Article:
Last week, many of you were perhaps eagerly awaiting the return of tennis after seven weeks of small tournaments and spotty television coverage. I ask you now: Has your eagerness devolved into sadness? Frustration? Perhaps beer-bottle-throwing anger?
Any of the above is justifiable — who wouldn't want to lash out after waiting so long only to suffer through the dismal Fox Sports Net (MSG Plus in New York) coverage of the Pacific Life Open?
The problem hasn't been the number of hours Fox broadcasts. Most tennis fans crave more than two hours of tennis at a time, whether it's in the middle of the afternoon or from 10 p.m. to midnight. But given tennis's place on the pecking order of sports in this country (not very far north of billiards and bowling), that amount of coverage is understandable. The problem is what Fox has done with these hours. Behold its Wednesday broadcasts, which were disastrous.
Rafael Nadal, the no. 2 player in the world, and Jo-Wilfried Tsonga, the Australian Open finalist and one of the most charismatic youngsters on tour, were locked in a rematch of their semifinal contest in Melbourne. Tsonga won their first contest handily. He eked out the first set of the rematch in a tie-break. Nadal did the same in the second set. After that, Fox, which had gone over its two-hour allotment, disappeared. No one watching in the afternoon saw Nadal recover from a 5–2 deficit in the third set to win 6–7(4), 7–6(3), 7–5.
Fox tried to make up for this during its 10 p.m. to midnight slot and, in doing so, made matters worse. The network was supposed to show a women's quarterfinal match between Maria Sharapova (who won the Australian Open and hasn't lost a match all year) against the defending champion, Daniela Hantuchova. The match was delayed, so Fox showed James Blake defeat Richard Gasquet (good choice) and then moved on to Mardy Fish and Lleyton Hewitt (not a great choice, but not awful). After Fish completed a modest upset, Fox decided to take a pass on Sharapova and Hantuchova and show the third set of Nadal and Tsonga (as midnight neared, Sharapova and Hantuchova inched toward a first set tie-break). Once Nadal and Tsonga ended, Fox cut its broadcast short by six or seven minutes and showed NBA basketball highlights — but not before they graced us with an updated draw that had Tsonga winning the match (minor mistake). Lead announcer Barry Tompkins, who is handling the broadcast alongside former pros Justin Gimelstob (color commentator) and Chanda Rubin (sideline reporter), didn't update the women's quarterfinal score. Sharapova and Hantuchova essentially ceased to exist.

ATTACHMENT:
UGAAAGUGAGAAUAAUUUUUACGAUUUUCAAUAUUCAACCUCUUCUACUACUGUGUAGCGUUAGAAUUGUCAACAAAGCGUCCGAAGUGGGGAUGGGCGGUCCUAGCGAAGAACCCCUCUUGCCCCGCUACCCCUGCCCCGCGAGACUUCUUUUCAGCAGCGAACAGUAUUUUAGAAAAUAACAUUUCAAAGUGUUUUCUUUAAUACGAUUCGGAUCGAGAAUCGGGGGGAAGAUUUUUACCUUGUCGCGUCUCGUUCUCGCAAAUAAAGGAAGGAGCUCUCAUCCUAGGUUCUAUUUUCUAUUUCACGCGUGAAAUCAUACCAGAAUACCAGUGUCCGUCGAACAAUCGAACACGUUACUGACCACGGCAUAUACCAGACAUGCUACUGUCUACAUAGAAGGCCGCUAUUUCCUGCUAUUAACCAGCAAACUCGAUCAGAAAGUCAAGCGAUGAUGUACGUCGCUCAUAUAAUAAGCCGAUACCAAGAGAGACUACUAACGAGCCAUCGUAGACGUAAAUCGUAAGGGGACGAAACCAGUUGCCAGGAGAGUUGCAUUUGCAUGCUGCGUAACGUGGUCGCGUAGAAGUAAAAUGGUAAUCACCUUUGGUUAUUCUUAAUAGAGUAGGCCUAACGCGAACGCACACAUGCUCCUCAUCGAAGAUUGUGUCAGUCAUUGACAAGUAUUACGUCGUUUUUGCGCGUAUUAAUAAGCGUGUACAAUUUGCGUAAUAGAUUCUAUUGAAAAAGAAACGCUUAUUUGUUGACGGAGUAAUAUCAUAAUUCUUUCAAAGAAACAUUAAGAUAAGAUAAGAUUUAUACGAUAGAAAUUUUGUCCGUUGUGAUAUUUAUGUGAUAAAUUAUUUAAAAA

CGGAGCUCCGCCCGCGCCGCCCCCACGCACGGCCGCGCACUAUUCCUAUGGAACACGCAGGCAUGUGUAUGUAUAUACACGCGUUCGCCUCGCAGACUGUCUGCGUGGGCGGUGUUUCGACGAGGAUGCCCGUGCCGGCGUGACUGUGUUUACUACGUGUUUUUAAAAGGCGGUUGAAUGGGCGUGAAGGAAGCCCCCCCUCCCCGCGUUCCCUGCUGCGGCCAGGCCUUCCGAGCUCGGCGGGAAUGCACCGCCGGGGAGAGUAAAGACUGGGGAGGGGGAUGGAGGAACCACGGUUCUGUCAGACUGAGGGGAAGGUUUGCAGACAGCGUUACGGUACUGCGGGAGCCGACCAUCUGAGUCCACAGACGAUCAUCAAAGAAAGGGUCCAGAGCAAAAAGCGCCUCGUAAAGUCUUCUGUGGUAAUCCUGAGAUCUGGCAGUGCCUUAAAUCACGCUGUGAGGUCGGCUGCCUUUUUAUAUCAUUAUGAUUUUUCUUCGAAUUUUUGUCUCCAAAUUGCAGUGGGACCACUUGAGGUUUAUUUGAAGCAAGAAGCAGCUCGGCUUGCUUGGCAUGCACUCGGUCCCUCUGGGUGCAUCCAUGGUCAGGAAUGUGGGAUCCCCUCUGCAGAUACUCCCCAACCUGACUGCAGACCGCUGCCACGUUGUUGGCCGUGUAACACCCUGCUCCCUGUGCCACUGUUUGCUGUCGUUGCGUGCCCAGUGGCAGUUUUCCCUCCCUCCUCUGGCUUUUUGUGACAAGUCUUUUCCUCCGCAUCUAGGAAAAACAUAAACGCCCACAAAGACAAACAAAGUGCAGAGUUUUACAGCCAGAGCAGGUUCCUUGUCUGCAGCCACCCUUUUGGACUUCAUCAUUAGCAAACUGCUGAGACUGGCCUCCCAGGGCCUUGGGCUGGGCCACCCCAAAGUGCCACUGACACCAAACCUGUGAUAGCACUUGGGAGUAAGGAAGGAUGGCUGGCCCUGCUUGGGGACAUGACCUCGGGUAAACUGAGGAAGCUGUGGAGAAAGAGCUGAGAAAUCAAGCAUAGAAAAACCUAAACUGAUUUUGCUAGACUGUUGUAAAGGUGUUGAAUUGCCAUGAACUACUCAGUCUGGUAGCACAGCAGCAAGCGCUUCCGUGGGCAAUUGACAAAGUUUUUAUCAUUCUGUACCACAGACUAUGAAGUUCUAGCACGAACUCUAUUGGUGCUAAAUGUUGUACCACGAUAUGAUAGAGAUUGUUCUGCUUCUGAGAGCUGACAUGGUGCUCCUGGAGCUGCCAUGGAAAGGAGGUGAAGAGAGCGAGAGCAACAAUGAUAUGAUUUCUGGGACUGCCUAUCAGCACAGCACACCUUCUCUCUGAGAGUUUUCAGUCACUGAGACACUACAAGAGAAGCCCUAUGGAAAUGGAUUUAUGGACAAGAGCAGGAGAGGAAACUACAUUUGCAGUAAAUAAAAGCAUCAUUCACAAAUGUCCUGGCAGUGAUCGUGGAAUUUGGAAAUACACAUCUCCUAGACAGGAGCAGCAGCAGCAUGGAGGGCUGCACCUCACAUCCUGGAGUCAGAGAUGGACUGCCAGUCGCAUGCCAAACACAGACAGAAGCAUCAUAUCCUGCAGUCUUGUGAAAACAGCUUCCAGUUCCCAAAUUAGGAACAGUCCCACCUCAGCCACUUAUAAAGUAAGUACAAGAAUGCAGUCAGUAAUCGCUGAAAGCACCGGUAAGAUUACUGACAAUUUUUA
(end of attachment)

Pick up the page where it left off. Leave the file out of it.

These sins, which you can attribute to the network's producers, are minor transgressions compared to the embarrassing commentary of Tompkins and Gimelstob. Tompkins has been around a long time and has done fine work, especially in boxing. Tennis is not his sport. He seems to enter the broadcast booth cold, with little prepared information about players, their families, and their ups and downs on the tour. He mispronounces names (Jelena Jankovic, the no. 4 player in the world, has a "y" sound; when you hear her name with a "J" it's, well, jjjarring). He becomes too excited when players hit the ball hard: They all do it — they're professional tennis players, for God's sake.
Gimelstob — who impressed the U.S. Open crowd last year when he interviewed Andy Roddick on the court after losing to Roddick in his last match as a professional — is good in small doses. Fox, though, offers a dose that could kill a bear. Gimelstob yells too often; he portrays too many moments in a match as monumental, and he uses too many clichés and inscrutable phrases ("Momentum is such a powerful force in sports!"; "It's what scientists call liquid power!"; "Yum, yum, those are some tender vittles!"). In the third set of Nadal's match, after the camera had panned, for the thousandth time, on the breasts of a woman cheering for Nadal (she sat next to a man holding a Spanish flag), Gimelstob said — and I'm paraphrasing from memory here, but only slightly — "The tennis is so incredible, I don't even have time to comment on all the beautiful women in the crowd!" Hey Justin, you just did! Or perhaps should I say "Jason," as Tompkins did when he signed off and thanked Gimelstob and Rubin. If you're wondering why I have nothing to say about Rubin, it's because the Fox folks seem to have forgotten that they hired her. They don't call on her to do anything. I have no idea why.
The Pacific Life Open and Sony Ericsson Open, the two largest tournaments in America outside the U.S. Open, deserve better than this. Until this year, ESPN had covered these tournaments. I've heard plenty of complaints from tennis fans about ESPN's past coverage, and I've bemoaned the network's choice of matches in the past, too. But whatever disagreements you might have had with ESPN, it was always professionally done — from what I heard after returning from Australia, tennis was on television all hours of the day, much to the delight of fans. Patrick McEnroe is reliable and often insightful. Mary Carillo never holds her tongue and has a great voice. Cliff Drysdale's voice is pitch-perfect, too. Darren Cahill, ESPN's new sideline reporter, has done fine work and, as a modern coach, is more up to speed on modern players than any modern player seems to be, save Andre Agassi. It took ESPN time to arrive at that point, and maybe that's all the Fox cast needs. Lots and lots and lots of it.
Mr. Perrotta is a senior editor at Tennis Magazine. He can be reached at [email protected]